Considering More Than One Joint Replacement to Relieve Arthritis Pain?

After multiple joint replacement surgeries, Lorry Graham jokingly calls herself a “bionic woman.” Friendly and upbeat, the 75-year-old Delaware resident always enjoyed an active lifestyle. And she always felt younger than her chronological age. So when arthritis caused by wear and tear started to take an unwelcome toll on her knees and hips, she refused to take it sitting down. Over the last six years, she has had four joint replacements at Hospital for Special Surgery (HSS) in New York City – both knees and both hips – so she could enjoy life without pain.

“The pain was very, very limiting. It was affecting my quality of life, and I didn’t want to live that way,” she says. She made up her mind to do something about it and conducted quite a bit of research. “There were three main factors I considered before surgery,” she explains. “The first was the best hospital I could find, which was HSS. The second was the best surgeon I could find. And the third component was my mental attitude and willingness to do the work after surgery to achieve the best outcome.”

For each joint replacement surgery, Mrs. Graham, a former teacher and high school guidance counselor, made the trip from her home in Delaware to HSS in New York City. “Each time, I knew I just needed to do it. I love to walk, I love to shop, I love to play with my grandchildren,” she explains. “And the arthritis was causing me to limp, to be in pain, it was affecting my sleep. That kind of pain shows on your face. You’re not a happy person. I didn’t want to delay surgery any more than I had to.”

Her physician, Geoffrey Westrich, MD, who specializes in knee and hip replacements at HSS, says it’s not unusual for patients to have advanced arthritis in two joints. Having four joint replacements is less common, but it does happen. He recommends that patients considering multiple joint replacement surgeries do their research to find a high-volume joint replacement center and a highly experienced orthopedic surgeon who takes the time to answer all their questions and with whom they feel comfortable.

“When someone is going to have more than one joint replacement, timing and recovery are important, and no two patients are alike,” Dr. Westrich says. “If someone has painful arthritis in both knees, for example, and conservative treatments such as physical therapy and over-the-counter medication provide no relief, we generally wait about three months in between surgeries. That’s about how long it takes for the body to heal, and that’s about how long it takes to do physical therapy and get the muscles strong again. Patients are going to be supporting their weight with the side that had the first surgery.”

Dr. Westrich adds that a critical factor is the experience of the surgeon in knowing when it is safe to proceed with the next joint replacement. That’s why, after the initial post-surgery visits, Dr. Westrich sees patients again after six weeks to make sure they’re doing well, and sometimes again after three months, before proceeding with a second joint replacement.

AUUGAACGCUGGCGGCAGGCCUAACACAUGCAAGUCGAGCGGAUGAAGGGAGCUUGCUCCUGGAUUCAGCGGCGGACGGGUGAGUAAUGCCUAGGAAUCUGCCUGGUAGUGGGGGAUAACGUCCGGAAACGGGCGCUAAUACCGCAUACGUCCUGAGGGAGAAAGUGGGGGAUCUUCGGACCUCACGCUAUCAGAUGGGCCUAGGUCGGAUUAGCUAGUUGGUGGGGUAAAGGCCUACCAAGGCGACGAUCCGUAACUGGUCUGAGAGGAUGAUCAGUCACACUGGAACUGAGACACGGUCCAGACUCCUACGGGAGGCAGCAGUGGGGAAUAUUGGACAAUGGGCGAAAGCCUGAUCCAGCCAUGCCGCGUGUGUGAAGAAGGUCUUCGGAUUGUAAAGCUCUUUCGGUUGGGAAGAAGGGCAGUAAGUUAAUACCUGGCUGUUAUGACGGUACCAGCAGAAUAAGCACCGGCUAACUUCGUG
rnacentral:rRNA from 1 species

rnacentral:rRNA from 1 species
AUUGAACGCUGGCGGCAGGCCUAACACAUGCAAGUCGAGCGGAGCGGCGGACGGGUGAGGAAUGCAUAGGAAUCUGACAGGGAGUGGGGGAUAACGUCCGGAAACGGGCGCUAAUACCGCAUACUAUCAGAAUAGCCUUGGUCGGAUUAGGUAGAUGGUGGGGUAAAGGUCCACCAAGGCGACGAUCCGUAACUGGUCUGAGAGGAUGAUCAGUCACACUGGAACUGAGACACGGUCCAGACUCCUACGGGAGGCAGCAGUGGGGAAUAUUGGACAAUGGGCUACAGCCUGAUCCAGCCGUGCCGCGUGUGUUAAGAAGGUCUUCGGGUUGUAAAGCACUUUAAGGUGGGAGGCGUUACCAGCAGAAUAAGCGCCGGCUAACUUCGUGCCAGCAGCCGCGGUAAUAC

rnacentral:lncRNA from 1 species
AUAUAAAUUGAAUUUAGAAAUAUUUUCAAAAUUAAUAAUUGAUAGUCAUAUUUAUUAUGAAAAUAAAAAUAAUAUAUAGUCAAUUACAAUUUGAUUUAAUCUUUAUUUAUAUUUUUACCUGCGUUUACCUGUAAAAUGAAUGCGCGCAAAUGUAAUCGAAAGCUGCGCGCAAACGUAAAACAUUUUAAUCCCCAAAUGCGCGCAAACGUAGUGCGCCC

These days, same-day, double joint replacements are done less often, as Dr. Westrich and other researchers at HSS have found it is better for most patients to have “staged” procedures, that is, to have the surgeries at least a few months apart. “In studies, we have found that same-day bilateral knee replacement surgery can present more challenges for the patient from a medical standpoint, more pain medication is needed after surgery, and physical therapy is much more difficult because they don’t have a good leg to stand on, so to speak,” he says.

Dr. Westrich notes that sometimes there is a good reason to perform a same-day bilateral joint replacement. For example, both arthritic knees may have a severe flexion contracture, which means they are in a bent position and the patient cannot straighten them. “In such cases, it may be appropriate to do a double joint replacement, as physical therapy could be much more difficult if the non-operated knee is bent.” He adds that if the contracture isn’t too severe, a shoe lift can equalize leg length and enable the patient to do physical therapy after two separate procedures.

Mrs. Graham had four separate surgeries, and less than two months after her final hip replacement in May, she said she was feeling great. “I am rocking this, totally rocking it. I went to play mahjong with my friends, and when I walked in, they couldn’t believe how great I looked and how well I’m doing.”

She believes her mental attitude and willingness to work hard in rehab after surgery played a major role in optimizing the outcome of each joint replacement. Dr. Westrich agrees that going in with a positive attitude and putting in the work can enhance outcomes.

“Lorry Graham clearly was very interested in her recovery and worked very hard after surgery to achieve a good outcome,” he notes. “There’s no doubt in my mind that patients who are dedicated to working hard and really put in the time in physical therapy tend to make progress more quickly and have a better recovery overall.”

Just two months after her last hip replacement, Mrs. Graham visited a new park in New York City with her friend and walked for more than an hour, pain-free. “I’m walking all over the place,” she says. “I’m walking better than I have in the last six years. It feels great.”